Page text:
Cardinal McElroy assembled our own “conference of parties.” With over a year of data available, an assessment of our holdings revealed we had met our established standard of divestment, receiving no more than five percent of total revenues from the extraction and/or production of fossil fuels. In fact, our screen had exceeded this goal, limiting total revenue to three percent. 

New questions arose. Did this constitute “divestment,” or was zero the necessary threshold for making such a claim? If so, should we advertise the amount of our divested holdings? Did we need to conduct analysis to determine whether our investments had maintained a similar growth trajectory as would have been observed without divestment?


A brief investigation and short discussion led our “mini COP” to conclude we had met the technical definition of divestment, though I, and I think the others, were given pause by the profound inescapability of algorithm-driven market imperfections — but structural sin posed by AI technology is a topic for another blog post. With a strong, shared desire for humility guiding our decision-making, the group quickly agreed that the total amount divested need not be advertised, and the release of the news need not make a splash. We would simply share the news with our “SD Catholic” faithful in our diocesan monthly newspaper, unceremoniously mentioned as one of our actions taken in response to the cry of the earth. Humility was of the utmost importance. 

Finally, Cardinal McElroy gently rejected notions of trying to compare the performance of divested holdings to “business as usual” trajectories. Here came my most important lesson. Our actions were not about the size of our economic impact or our financial savvy. Profitable or not, our divestment was the right thing to do because it aligned with our values. As the USCCB “Socially Responsible Investment Guidelines” states, “From a Catholic perspective, ethical and socially responsible investing… requires us to evaluate specific investments in terms of how those companies or entities protect life, promote human dignity, act justly, enhance the common good, and provide care for the environment.”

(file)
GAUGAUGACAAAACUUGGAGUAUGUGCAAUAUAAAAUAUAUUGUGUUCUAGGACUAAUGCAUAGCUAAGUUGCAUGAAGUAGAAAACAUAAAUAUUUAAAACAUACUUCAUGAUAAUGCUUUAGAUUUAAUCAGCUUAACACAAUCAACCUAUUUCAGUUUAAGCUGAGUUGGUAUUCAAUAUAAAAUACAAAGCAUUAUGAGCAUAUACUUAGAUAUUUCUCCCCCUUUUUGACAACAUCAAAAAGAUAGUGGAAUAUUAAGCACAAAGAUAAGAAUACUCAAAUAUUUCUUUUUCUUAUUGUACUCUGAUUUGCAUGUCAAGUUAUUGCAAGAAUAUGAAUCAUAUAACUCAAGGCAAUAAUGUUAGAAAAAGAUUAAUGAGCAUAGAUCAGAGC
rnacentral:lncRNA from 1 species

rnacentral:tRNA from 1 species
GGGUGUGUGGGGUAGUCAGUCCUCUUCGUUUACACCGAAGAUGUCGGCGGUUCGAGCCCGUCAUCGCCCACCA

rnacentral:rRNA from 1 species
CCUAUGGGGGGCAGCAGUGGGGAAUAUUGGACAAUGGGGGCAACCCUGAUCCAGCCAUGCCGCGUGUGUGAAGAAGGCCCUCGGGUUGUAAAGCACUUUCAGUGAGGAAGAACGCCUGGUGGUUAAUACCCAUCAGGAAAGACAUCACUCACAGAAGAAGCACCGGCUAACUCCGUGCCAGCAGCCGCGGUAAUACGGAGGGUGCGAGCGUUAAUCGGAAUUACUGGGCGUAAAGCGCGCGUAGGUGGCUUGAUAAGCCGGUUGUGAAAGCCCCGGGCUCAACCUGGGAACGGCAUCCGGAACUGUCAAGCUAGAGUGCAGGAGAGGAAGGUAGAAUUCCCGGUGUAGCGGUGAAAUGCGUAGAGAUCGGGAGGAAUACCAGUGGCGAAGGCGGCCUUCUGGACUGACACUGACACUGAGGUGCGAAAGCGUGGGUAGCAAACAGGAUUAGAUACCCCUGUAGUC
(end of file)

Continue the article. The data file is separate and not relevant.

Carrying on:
I reflected, mentally walking through other investment sectors already defined as “no-go’s.” Weapons of mass destruction, pharmaceuticals, tobacco products and pornography offered plenty of profitability, but we would never abandon our Catholic values for the sake of those economic “opportunities.” Furthermore, with or without global campaigns to divest from these sectors, we opt out of them, regardless of global opinion.  

A warm, tingly confidence washed over me. More epiphany. Another arc traversed, turning me into continued conversion. I saw more clearly. No breaking news, no proving fiscal strategies. Our divestment simply puts us in the right relationship with Our Creator, living justly.

Do I pray others will follow? If turning down this road of conversion, you bet!

Dr. Christina Bagaglio Slentz, PhD, is the Director for Care for Creation for the Catholic Diocese of San Diego. She promotes the ecological conversion, eco-spirituality, eco-citizenship, and eco-advocacy efforts within the diocese.